Chana Aloo


Now, when my friend Jon asked me if I would add a post on his blog site I was a little scared, if I’m honest. I’ve never blogged before and as far as my culinary skills go, well, let’s just say I might get a quarter star one day, if I’m lucky. However, the reason I wanted to do it is because I really want to show other people that exciting, exotic dishes do not have to be complicated and scary and they can turn out pretty yummy too!

I’m a big fan of the curry. It’s got to be one of the most diverse dishes out there and you can have so much fun just throwing things in and seeing if they work (and generally they do). So this is a take on two of my favourite dishes; chana masala and sag aloo. One thing I will quickly mention before I start is that all of the measurements are guidelines only, most of my cooking is done to taste and I tend to overload on two key ingredients in each dish that compliment each other, such as ginger and lime.


  • 1 large bag of fresh spinach
  • 2 tbsp olive oil
  • 1 large red onion, chopped
  • 1 tin chickpeas, drained and rinsed
  • 2 cloves garlic, finely chopped
  • 2 fresh hot green chillies (or red if you’re feeling brave), halved and thinly sliced and don’t you dare take the seeds out!
  • 1 tbsp coriander seeds, ground
  • 1 tbsp cumin seeds
  • 1 tsp garam masala
  • 1tsp tamarind paste
  • 2 sweet potatoes, peeled and cubed
  • 1 tin chopped tomatoes


1. Boil a steamer pan of water. Add the sweet potato and steam the spinach on top for 10 minutes.
2. Meanwhile, heat the olive oil in a large pan (I make all my curries in my wok) and cook the onion, chickpeas, garlic, chilli and spices for about five minutes over a medium heat. Can I just add here that the key to any successful curry is in the cooking of the onions. They must be fried enough to slightly caramelise them but not too much that they are burnt. I always start off very hot and turn it straight down once they’re in, stirring madly.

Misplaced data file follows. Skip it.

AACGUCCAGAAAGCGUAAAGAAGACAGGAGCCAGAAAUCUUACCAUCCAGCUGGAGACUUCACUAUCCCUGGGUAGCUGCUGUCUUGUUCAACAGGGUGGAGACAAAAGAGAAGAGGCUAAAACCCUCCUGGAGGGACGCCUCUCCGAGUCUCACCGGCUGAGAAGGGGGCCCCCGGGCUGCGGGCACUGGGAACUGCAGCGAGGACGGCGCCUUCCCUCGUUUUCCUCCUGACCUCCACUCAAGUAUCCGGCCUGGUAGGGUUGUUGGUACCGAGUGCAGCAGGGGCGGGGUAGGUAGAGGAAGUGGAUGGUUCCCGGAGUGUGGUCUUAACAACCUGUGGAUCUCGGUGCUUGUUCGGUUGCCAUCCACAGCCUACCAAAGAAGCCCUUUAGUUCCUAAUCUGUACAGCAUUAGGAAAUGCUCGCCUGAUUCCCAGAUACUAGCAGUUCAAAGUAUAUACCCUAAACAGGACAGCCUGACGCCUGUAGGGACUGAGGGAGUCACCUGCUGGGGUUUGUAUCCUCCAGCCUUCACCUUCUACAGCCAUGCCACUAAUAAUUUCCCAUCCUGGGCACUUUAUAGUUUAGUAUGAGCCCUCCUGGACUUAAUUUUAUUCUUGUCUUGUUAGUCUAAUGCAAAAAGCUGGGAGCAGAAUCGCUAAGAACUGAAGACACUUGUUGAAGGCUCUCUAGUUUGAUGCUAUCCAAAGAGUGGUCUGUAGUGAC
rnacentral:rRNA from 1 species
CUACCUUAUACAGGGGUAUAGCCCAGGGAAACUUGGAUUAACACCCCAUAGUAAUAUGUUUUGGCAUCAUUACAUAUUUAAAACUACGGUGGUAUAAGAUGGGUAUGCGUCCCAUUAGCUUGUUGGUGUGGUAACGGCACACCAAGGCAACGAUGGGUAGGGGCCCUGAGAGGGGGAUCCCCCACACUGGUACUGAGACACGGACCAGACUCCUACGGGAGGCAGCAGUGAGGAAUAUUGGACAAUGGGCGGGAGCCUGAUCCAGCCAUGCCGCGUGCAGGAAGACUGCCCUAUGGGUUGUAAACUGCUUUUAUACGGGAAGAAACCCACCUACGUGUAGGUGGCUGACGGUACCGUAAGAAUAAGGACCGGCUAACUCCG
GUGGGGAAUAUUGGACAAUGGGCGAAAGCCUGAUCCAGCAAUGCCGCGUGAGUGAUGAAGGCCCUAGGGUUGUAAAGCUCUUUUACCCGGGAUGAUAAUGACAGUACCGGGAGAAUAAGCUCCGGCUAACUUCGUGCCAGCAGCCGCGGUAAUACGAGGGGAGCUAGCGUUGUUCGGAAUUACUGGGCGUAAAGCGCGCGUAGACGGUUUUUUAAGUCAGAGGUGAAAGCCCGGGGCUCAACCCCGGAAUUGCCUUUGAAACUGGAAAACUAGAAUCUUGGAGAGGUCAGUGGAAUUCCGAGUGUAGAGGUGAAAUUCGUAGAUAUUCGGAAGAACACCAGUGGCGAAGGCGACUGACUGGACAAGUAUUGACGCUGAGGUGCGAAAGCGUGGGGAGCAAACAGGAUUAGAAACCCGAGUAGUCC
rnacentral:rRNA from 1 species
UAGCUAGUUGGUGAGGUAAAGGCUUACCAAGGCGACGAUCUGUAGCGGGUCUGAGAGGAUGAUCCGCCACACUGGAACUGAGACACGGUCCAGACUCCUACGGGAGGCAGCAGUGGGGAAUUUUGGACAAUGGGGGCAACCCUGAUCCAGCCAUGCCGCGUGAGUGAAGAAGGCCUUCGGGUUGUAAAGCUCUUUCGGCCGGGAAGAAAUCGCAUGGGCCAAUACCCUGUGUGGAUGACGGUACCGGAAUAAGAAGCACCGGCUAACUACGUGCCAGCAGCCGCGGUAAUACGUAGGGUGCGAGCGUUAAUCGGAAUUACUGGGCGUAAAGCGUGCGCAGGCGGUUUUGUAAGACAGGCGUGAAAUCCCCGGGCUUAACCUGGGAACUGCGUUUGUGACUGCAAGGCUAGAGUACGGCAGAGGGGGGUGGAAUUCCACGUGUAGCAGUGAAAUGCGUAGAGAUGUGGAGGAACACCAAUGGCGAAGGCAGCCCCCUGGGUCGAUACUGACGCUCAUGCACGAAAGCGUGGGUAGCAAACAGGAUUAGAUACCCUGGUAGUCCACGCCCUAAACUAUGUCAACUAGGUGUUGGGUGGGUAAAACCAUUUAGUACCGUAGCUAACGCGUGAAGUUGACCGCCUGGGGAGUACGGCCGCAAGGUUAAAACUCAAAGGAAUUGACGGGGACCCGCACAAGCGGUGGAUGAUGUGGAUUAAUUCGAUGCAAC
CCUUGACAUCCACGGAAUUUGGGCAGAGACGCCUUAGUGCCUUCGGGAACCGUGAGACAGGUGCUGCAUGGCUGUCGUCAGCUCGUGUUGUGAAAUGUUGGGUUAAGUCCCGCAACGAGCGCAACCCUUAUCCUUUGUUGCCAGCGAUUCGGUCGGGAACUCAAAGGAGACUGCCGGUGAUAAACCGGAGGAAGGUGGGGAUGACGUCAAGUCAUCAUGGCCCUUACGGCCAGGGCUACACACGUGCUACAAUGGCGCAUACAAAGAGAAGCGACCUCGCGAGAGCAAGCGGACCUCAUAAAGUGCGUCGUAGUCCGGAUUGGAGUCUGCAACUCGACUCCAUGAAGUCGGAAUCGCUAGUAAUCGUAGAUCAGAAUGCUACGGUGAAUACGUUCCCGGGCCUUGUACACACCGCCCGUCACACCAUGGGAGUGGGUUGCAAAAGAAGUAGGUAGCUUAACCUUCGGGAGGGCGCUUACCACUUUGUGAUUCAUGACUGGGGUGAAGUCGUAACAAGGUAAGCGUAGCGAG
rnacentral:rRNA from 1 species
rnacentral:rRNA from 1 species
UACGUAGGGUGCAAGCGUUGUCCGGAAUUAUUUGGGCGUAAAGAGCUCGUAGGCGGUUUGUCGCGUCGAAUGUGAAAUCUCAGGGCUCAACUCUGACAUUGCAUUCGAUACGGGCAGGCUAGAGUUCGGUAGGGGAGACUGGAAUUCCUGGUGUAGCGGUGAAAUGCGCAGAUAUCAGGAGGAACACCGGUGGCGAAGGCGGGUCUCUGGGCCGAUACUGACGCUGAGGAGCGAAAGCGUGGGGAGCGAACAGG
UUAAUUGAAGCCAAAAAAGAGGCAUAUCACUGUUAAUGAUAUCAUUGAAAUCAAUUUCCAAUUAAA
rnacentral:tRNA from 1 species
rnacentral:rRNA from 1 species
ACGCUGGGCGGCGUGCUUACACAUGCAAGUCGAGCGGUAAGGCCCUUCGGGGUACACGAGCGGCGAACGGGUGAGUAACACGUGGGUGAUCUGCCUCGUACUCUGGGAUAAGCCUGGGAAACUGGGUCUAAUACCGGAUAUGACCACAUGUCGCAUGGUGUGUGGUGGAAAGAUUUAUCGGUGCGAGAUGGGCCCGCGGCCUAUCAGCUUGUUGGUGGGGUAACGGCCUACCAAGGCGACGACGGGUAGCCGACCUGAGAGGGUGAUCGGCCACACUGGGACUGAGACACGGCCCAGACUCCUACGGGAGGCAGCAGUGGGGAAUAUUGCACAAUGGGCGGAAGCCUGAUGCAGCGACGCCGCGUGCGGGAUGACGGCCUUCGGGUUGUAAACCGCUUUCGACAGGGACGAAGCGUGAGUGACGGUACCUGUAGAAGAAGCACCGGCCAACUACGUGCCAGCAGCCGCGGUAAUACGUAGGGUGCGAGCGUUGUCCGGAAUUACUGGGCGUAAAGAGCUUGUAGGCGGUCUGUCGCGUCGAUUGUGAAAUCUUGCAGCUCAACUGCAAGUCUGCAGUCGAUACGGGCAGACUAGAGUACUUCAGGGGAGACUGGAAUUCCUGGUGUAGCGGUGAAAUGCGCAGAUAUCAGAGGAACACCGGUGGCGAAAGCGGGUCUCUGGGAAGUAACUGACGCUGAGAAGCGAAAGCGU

3. . Drain the sweet potato and add it to the onions and chick peas. Drain the spinach and run under a cold tap, so you can squeeze the water out. Place in a food processor and chop the spinach to a coarse purée
4. Add the tomatoes and tamarind then lower the heat and simmer for 10 minutes. Stir in the spinach purée and serve with naan (rice will do too but personally it’s a bit too dry for rice for me) and a wedge of lime to squeeze over it.

Very quick, very easy and very tasty!

This article was written by Pidge

I spent most of my life living off salad and veggie grills not even knowing how to chop a courgette. Words like saffron and squash sounded like very scary things indeed. Then I went travelling, where I met a whole heap of interesting internationals who showed me that cooking was fun and the ingredients you use can be so easy to prepare, so diverse and so complimentary! I now live in Oxfordshire with my husband and our Springer Spaniel, Woody. Having travelled most of South East Asia my passion lies with the Asian flair but the thing I love to do most is make very tasty, interesting dishes that are actually quick and easy to do! I hope that people who are like I used to be (scared of cooking) will realise that cooking is actually easy and fun and that recipes like ''Red Thai Salmon with Green Beans and Jasmine Rice'' is not something to run screaming from!

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